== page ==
Underneath a quiet Manhattan street, far enough east that no subway rumbles can interfere with his work, the laser king toils in a dark laboratory.
The storefront, with only a wide “Holographic Studios” sign, gives little indication of the eccentric wonder emporium the historic space holds. Inside is the self-proclaimed world’s oldest holography gallery. It’s a small room filled half with still holograms—telescopes you can look into, a mouse peering across a keyboard—and half with moving holograms, eerie short scenes that play out as you pass by. There’s Andy Warhol flipping through a newspaper and a mesmerizing reenactment of Lee Harvey Oswald being shot.
In this front room, Jason Sapan, the gangly silver-haired proprietor, introduces himself as “Doctor Laser” with a finger-point to the title emblazoned on his white lab coat. “The lair of the laser loves all of you,” he tells a visiting Atlas Obscura tour group.
Sapan, a New Yorker born and raised, evokes a mad-scientist hybrid of Bill Nye and your most eccentric uncle, sprinkling puns and jokes into every other sentence. One of the last purveyors of an under-appreciated scientific art, Sapan has been creating holograms since 1968. His dad, an electrical engineer, was always bringing home technology that the young Sapan would fiddle with. When he was hired by Time Inc. to work on “A Science Tune In,” the first public holography display, he thought, This is me.
For the past 35 years, Sapan has been working in his current nondescript location, building his reputation as the king of holograms. Though his gallery offerings showcase an artisanal holographer of sorts, he pays the bills with commercial work, helping to design Visa’s holographic card logo or the holograms for brands such as Tag Heuer and Goodyear. He's served academic stints at the School of Visual Arts and NYU, among others, and shot portraits for New York's now-defunct Museum of Holography. A downturn in the business that’s left him as New York’s last professional holographer standing hasn’t deterred him, though he could be making more money flipping burgers at McDonalds, he says half-jokingly.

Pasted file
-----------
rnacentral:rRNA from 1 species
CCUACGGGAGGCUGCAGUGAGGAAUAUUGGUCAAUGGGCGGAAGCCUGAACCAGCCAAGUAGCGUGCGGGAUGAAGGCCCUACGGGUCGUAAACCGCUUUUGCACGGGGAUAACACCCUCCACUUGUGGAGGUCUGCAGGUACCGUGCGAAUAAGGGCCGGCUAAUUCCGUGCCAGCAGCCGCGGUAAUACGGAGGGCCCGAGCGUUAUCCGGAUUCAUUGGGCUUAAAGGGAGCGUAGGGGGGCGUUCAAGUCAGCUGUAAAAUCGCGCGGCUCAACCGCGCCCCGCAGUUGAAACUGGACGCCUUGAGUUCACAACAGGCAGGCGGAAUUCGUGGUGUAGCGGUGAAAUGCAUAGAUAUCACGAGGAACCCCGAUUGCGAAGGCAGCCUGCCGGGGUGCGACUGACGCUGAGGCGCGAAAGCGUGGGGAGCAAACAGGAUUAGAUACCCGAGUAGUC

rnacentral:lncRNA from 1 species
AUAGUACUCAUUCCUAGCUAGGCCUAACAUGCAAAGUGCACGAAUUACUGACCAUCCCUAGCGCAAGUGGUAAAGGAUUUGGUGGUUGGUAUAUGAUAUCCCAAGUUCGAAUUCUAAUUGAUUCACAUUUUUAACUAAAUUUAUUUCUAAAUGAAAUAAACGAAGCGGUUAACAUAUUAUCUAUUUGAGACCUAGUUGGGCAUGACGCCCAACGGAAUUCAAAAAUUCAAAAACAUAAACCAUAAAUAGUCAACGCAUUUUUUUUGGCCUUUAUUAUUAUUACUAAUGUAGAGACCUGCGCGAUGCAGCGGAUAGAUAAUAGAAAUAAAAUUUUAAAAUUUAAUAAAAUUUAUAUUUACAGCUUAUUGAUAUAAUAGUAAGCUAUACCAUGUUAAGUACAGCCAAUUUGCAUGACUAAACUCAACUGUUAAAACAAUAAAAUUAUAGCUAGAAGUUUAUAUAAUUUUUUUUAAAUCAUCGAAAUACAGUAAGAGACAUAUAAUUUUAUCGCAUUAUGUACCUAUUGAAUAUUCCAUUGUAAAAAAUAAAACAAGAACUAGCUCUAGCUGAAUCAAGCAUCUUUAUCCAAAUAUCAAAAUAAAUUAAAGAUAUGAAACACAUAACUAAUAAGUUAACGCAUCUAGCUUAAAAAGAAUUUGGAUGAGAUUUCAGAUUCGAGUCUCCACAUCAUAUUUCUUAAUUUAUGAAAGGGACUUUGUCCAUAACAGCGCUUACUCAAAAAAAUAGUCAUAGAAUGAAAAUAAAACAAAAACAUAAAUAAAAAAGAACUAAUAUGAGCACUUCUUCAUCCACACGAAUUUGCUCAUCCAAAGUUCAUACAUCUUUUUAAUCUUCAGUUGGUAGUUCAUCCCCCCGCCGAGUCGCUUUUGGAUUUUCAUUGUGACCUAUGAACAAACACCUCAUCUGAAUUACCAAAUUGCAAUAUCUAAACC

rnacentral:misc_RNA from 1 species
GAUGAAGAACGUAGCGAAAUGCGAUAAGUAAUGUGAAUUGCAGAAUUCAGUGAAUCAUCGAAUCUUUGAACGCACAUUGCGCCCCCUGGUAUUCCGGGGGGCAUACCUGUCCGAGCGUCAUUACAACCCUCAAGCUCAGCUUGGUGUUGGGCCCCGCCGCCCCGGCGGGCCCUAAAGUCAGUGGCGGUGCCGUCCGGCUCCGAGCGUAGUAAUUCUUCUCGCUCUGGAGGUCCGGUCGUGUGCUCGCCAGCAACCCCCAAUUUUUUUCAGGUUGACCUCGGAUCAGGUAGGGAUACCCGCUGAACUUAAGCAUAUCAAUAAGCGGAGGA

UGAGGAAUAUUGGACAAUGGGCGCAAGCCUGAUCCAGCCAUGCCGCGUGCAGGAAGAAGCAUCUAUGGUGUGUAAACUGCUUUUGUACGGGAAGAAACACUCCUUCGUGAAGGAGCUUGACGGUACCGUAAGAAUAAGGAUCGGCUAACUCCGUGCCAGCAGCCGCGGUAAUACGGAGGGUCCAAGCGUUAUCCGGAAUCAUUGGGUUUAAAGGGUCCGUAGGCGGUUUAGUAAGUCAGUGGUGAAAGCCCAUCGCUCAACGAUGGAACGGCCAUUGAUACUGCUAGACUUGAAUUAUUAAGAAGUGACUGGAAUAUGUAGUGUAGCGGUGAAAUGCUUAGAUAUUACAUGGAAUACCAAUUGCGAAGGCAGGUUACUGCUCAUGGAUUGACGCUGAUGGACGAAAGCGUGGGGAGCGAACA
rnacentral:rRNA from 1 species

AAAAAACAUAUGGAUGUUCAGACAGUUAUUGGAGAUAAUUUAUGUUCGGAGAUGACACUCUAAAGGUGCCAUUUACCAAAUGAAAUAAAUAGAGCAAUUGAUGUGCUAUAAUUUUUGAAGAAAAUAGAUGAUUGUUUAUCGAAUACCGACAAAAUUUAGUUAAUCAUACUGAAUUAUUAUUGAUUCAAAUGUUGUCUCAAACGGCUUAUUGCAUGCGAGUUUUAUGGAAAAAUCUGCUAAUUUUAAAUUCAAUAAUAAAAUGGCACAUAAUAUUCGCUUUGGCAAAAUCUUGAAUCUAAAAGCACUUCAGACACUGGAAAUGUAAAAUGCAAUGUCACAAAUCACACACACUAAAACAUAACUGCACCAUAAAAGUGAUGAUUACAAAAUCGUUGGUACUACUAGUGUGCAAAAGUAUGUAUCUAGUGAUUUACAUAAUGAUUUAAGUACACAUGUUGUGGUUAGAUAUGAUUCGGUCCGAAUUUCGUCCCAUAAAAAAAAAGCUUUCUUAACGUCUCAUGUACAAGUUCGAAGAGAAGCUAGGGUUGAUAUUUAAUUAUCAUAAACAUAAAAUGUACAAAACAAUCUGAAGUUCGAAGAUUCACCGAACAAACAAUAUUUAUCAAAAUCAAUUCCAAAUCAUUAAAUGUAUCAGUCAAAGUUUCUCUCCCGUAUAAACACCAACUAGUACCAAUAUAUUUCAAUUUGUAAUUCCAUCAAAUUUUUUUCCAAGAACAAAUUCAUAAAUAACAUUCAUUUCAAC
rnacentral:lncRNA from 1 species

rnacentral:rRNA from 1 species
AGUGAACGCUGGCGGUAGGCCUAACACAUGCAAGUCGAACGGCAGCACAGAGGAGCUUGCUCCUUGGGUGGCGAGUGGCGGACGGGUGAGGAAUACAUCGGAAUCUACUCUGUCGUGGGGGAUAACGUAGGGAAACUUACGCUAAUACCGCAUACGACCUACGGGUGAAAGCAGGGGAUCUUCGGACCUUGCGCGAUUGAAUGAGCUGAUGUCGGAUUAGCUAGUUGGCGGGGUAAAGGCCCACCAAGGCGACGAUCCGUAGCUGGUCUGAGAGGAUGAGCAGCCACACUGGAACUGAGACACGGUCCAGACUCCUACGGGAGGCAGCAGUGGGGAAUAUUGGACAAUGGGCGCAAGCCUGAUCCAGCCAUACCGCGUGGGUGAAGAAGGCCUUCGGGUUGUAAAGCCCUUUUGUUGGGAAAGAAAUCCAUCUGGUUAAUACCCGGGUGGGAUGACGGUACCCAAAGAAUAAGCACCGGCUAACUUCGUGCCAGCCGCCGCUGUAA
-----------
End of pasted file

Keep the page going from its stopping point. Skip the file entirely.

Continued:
Behind the gallery is a narrow staircase and then the pitch blackness of his laser lab, a cluttered room where red lights dance around and the holograms are made. The science behind a hologram is mind-bending for the uninitiated. Sapan describes it as “making a mold out of an object in light waves,” where each light wave coming from the beam is “smaller than an ant’s asshole.” As lasers bounce off physical objects, a fully dimensional imprint of them is recorded on film.
He pulls half of a cigarette out of his pocket, lights it, and blows the smoke into the laser’s beam, making the red spark and flicker to show the beam’s presence.
The magically deceptive film plates, which look anything but flat, are really more than 3-D, he explains—they’re “full dimensional.” Each holograph has so much substance it could fit all written information ever printed, from Hammurabi's code, published in 1772 BCE, to today’s New York Times.
He scoffs at the hologram’s media spotlight. Recent stunts like resurrecting from the dead Tupac at last year’s Coachella and Michael Jackson at the Billboard Music Awards aren’t real holography, Sapan stresses. They’re just reflections of projections angled to appear 3-D.
Making real moving holography is an incredibly meticulous and time-consuming practice. He describes shooting the Oswald hologram—which involved a casting call in Backstage, a trip to the National Archives, and 14 takes with a wired gun that flashed and smoked. “I like to do things that are completely stupid and useless. That’s why I’m a holographer,” Sapan says.
But for all his self-deprecating humor, he’s had enough business savvy to survive in a field where many have not. Large holograms leaning against the wall tell of his wide-ranging clientele. One, a human torso, was made for a pharmaceutical company. (“Drug money is good," Sapan quips.) The next, a monstrous palace, is an exact replica of the sultan of Brunei’s abode, made for his private Airbus to remind him of home (“before he went totally crazy”).
Sapan is the studio’s mainstay, but surrounds himself with a cast of interns, some of whom stay on for years. On his website, the intern testimonial page seems never-ending—stretching back to 1978—and boasts of his former interns’ later pursuits (Vince Gilligan, for one, who went on to create Breaking Bad.)
Another page is dedicated to pictures with the public figures Sapan has met and his impressions of them. (Billy Idol: “I found him to be thoughtful and very personable.” U.K. Prime Minister Edward Heath: “He was quite the kidder.”)
Sapan has shot an all-star list of portraits, a six-week process that starts around $2,500: Warhol was an early subject. “Oh my god, you were made for a hologram,” he remembers thinking of the quiet artist. Then came Isaac Asimov and Phil Donahue. A wall in Sapan’s office boasts the scrawled signatures of Cher, Gene Simmons, and former New York City mayor Ed Koch, among others.
But Sapan has yet to flex his holography skills with a sitting president. Politicians were captured in oil paintings during George Washington’s time. By Abraham Lincoln's day they were sitting for photographed portraits. And that tradition has remained virtually untouched. That exasperates Sapan, who has been petitioning presidents to pose for him since Gerald Ford was in office. History, he says, will favor the technology peddled by New York’s last holographer over the still two dimensions of a photograph. Because, for god’s sake, he exclaims, “It’s the 21st century!”